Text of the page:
Unfortunately, this has coincided with the loss of the old ability to nab a victory while acting as the David to Goliath, or even the David to David.

This failure is why deflating results against Poland and Scotland have left O'Neill in need of a helping hand from Tbilisi this evening.

The success or otherwise of Gordon Strachan's mission in Georgia will dictate the mood around Estadio Algarve, a venue that was initially constructed for the 2004 European Championships.

Qualifying for major tournaments is what international football is all about, so that's why O'Neill didn't take too kindly to being reminded of Ireland's standing in the latest world rankings behind near neighbours Wales, Scotland and Northern Ireland.

The forgettable 2011 Carling Nations Cup even got a mention from the floor, a competition that drowned on account of its own irrelevance.

Puzzled

"That must have been a humdinger," said a puzzled O'Neill when Ireland's success in that event was mentioned. He didn't appear to be aware of the short-lived tournament's existence.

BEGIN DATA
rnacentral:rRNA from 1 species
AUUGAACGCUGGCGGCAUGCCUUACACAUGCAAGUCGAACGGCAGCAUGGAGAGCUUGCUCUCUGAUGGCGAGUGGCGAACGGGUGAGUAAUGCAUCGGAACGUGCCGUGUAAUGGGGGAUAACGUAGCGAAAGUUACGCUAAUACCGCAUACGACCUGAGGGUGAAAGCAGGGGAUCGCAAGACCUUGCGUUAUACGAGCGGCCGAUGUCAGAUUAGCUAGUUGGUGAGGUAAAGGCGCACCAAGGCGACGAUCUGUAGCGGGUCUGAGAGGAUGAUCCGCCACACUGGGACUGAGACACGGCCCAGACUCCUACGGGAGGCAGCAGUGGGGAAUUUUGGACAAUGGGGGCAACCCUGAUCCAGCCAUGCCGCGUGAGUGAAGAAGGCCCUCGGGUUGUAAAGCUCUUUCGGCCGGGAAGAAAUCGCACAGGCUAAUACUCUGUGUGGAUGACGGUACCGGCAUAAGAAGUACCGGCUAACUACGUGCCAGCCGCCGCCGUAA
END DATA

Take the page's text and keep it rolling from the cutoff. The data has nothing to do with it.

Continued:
"In my time I won a few friendlies myself. I'd assume they were strong friendly matches, but I don't think they make a strong judgement.

"What I find staggering is that Wales, having not had a great World Cup campaign, have done very well this time and find themselves ahead of England in the rankings. I really don't know how that came about.

"In terms of us, we have to start winning matches in major competitions. We didn't qualify for the World Cup. We haven't qualified for that many Euros since the competition started in 1960 and I want to address that."